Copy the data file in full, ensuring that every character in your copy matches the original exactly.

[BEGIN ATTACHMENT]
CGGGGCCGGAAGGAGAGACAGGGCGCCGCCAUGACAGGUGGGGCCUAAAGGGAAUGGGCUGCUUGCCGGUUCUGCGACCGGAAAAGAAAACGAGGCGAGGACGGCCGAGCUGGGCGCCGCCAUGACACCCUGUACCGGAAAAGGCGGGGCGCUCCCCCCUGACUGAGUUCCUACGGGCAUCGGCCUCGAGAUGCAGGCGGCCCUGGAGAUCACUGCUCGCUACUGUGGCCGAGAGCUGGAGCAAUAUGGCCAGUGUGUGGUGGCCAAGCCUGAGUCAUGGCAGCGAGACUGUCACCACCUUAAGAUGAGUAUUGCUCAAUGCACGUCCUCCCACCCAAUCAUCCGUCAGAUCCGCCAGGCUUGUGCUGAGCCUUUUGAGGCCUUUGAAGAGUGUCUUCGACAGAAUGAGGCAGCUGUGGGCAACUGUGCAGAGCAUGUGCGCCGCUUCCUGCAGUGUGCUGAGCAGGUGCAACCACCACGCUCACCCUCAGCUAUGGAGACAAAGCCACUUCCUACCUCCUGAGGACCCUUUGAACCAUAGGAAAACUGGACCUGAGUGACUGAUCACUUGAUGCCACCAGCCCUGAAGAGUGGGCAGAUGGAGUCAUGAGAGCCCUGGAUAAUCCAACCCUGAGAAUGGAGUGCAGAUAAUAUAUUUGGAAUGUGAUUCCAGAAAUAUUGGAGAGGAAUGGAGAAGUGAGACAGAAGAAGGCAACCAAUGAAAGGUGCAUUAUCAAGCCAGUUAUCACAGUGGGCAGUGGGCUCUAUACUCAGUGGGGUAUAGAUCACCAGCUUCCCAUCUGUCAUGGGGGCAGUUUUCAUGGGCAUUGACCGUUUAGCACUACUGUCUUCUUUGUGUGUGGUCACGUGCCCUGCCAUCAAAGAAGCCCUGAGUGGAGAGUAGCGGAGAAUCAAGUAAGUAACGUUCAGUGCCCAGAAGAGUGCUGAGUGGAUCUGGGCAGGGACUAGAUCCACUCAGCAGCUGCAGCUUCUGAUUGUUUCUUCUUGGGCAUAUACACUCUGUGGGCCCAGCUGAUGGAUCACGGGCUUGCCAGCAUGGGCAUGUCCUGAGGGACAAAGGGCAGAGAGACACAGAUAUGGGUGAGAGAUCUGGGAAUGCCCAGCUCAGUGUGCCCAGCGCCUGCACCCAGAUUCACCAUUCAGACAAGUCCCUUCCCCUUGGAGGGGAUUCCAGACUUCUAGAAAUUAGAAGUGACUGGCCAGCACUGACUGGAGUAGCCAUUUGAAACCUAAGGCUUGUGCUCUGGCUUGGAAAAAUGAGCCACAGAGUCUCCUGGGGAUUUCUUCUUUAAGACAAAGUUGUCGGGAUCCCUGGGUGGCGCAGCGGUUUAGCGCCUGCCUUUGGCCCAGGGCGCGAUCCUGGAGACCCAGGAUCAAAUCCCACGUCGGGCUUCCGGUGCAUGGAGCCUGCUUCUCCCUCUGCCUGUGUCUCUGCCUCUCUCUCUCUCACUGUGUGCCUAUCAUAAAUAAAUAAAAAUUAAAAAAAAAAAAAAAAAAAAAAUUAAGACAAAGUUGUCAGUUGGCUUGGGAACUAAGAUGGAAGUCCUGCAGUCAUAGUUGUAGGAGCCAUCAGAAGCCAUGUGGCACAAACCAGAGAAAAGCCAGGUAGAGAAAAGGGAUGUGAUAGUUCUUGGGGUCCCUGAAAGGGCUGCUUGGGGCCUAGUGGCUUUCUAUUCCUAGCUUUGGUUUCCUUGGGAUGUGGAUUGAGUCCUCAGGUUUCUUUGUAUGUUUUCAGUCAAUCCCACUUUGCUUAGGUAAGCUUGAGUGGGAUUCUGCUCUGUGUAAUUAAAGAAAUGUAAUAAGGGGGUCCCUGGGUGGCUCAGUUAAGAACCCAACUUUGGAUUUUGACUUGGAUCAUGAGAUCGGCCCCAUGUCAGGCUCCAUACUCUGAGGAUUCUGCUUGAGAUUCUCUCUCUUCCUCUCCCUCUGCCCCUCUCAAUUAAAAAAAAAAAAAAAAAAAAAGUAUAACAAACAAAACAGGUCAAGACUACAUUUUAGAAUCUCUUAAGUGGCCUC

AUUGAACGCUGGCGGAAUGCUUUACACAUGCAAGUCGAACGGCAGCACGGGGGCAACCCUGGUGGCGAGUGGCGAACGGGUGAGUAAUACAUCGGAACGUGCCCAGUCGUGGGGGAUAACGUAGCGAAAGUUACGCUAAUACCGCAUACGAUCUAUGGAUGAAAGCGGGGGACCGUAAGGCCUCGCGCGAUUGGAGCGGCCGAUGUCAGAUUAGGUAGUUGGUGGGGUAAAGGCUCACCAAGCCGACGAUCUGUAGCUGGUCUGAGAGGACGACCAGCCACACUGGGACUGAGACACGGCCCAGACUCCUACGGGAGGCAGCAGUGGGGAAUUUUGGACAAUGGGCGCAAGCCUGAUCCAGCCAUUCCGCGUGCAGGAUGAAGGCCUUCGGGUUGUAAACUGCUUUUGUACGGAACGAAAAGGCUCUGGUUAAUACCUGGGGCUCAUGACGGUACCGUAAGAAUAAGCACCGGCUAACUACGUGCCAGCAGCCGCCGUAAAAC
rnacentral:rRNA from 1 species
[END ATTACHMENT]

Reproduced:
CGGGGCCGGAAGGAGAGACAGGGCGCCGCCAUGACAGGUGGGGCCUAAAGGGAAUGGGCUGCUUGCCGGUUCUGCGACCGGAAAAGAAAACGAGGCGAGGACGGCCGAGCUGGGCGCCGCCAUGACACCCUGUACCGGAAAAGGCGGGGCGCUCCCCCCUGACUGAGUUCCUACGGGCAUCGGCCUCGAGAUGCAGGCGGCCCUGGAGAUCACUGCUCGCUACUGUGGCCGAGAGCUGGAGCAAUAUGGCCAGUGUGUGGUGGCCAAGCCUGAGUCAUGGCAGCGAGACUGUCACCACCUUAAGAUGAGUAUUGCUCAAUGCACGUCCUCCCACCCAAUCAUCCGUCAGAUCCGCCAGGCUUGUGCUGAGCCUUUUGAGGCCUUUGAAGAGUGUCUUCGACAGAAUGAGGCAGCUGUGGGCAACUGUGCAGAGCAUGUGCGCCGCUUCCUGCAGUGUGCUGAGCAGGUGCAACCACCACGCUCACCCUCAGCUAUGGAGACAAAGCCACUUCCUACCUCCUGAGGACCCUUUGAACCAUAGGAAAACUGGACCUGAGUGACUGAUCACUUGAUGCCACCAGCCCUGAAGAGUGGGCAGAUGGAGUCAUGAGAGCCCUGGAUAAUCCAACCCUGAGAAUGGAGUGCAGAUAAUAUAUUUGGAAUGUGAUUCCAGAAAUAUUGGAGAGGAAUGGAGAAGUGAGACAGAAGAAGGCAACCAAUGAAAGGUGCAUUAUCAAGCCAGUUAUCACAGUGGGCAGUGGGCUCUAUACUCAGUGGGGUAUAGAUCACCAGCUUCCCAUCUGUCAUGGGGGCAGUUUUCAUGGGCAUUGACCGUUUAGCACUACUGUCUUCUUUGUGUGUGGUCACGUGCCCUGCCAUCAAAGAAGCCCUGAGUGGAGAGUAGCGGAGAAUCAAGUAAGUAACGUUCAGUGCCCAGAAGAGUGCUGAGUGGAUCUGGGCAGGGACUAGAUCCACUCAGCAGCUGCAGCUUCUGAUUGUUUCUUCUUGGGCAUAUACACUCUGUGGGCCCAGCUGAUGGAUCACGGGCUUGCCAGCAUGGGCAUGUCCUGAGGGACAAAGGGCAGAGAGACACAGAUAUGGGUGAGAGAUCUGGGAAUGCCCAGCUCAGUGUGCCCAGCGCCUGCACCCAGAUUCACCAUUCAGACAAGUCCCUUCCCCUUGGAGGGGAUUCCAGACUUCUAGAAAUUAGAAGUGACUGGCCAGCACUGACUGGAGUAGCCAUUUGAAACCUAAGGCUUGUGCUCUGGCUUGGAAAAAUGAGCCACAGAGUCUCCUGGGGAUUUCUUCUUUAAGACAAAGUUGUCGGGAUCCCUGGGUGGCGCAGCGGUUUAGCGCCUGCCUUUGGCCCAGGGCGCGAUCCUGGAGACCCAGGAUCAAAUCCCACGUCGGGCUUCCGGUGCAUGGAGCCUGCUUCUCCCUCUGCCUGUGUCUCUGCCUCUCUCUCUCUCACUGUGUGCCUAUCAUAAAUAAAUAAAAAUUAAAAAAAAAAAAAAAAAAAAAAUUAAGACAAAGUUGUCAGUUGGCUUGGGAACUAAGAUGGAAGUCCUGCAGUCAUAGUUGUAGGAGCCAUCAGAAGCCAUGUGGCACAAACCAGAGAAAAGCCAGGUAGAGAAAAGGGAUGUGAUAGUUCUUGGGGUCCCUGAAAGGGCUGCUUGGGGCCUAGUGGCUUUCUAUUCCUAGCUUUGGUUUCCUUGGGAUGUGGAUUGAGUCCUCAGGUUUCUUUGUAUGUUUUCAGUCAAUCCCACUUUGCUUAGGUAAGCUUGAGUGGGAUUCUGCUCUGUGUAAUUAAAGAAAUGUAAUAAGGGGGUCCCUGGGUGGCUCAGUUAAGAACCCAACUUUGGAUUUUGACUUGGAUCAUGAGAUCGGCCCCAUGUCAGGCUCCAUACUCUGAGGAUUCUGCUUGAGAUUCUCUCUCUUCCUCUCCCUCUGCCCCUCUCAAUUAAAAAAAAAAAAAAAAAAAAAGUAUAACAAACAAAACAGGUCAAGACUACAUUUUAGAAUCUCUUAAGUGGCCUC

AUUGAACGCUGGCGGAAUGCUUUACACAUGCAAGUCGAACGGCAGCACGGGGGCAACCCUGGUGGCGAGUGGCGAACGGGUGAGUAAUACAUCGGAACGUGCCCAGUCGUGGGGGAUAACGUAGCGAAAGUUACGCUAAUACCGCAUACGAUCUAUGGAUGAAAGCGGGGGACCGUAAGGCCUCGCGCGAUUGGAGCGGCCGAUGUCAGAUUAGGUAGUUGGUGGGGUAAAGGCUCACCAAGCCGACGAUCUGUAGCUGGUCUGAGAGGACGACCAGCCACACUGGGACUGAGACACGGCCCAGACUCCUACGGGAGGCAGCAGUGGGGAAUUUUGGACAAUGGGCGCAAGCCUGAUCCAGCCAUUCCGCGUGCAGGAUGAAGGCCUUCGGGUUGUAAACUGCUUUUGUACGGAACGAAAAGGCUCUGGUUAAUACCUGGGGCUCAUGACGGUACCGUAAGAAUAAGCACCGGCUAACUACGUGCCAGCAGCCGCCGUAAAAC
rnacentral:rRNA from 1 species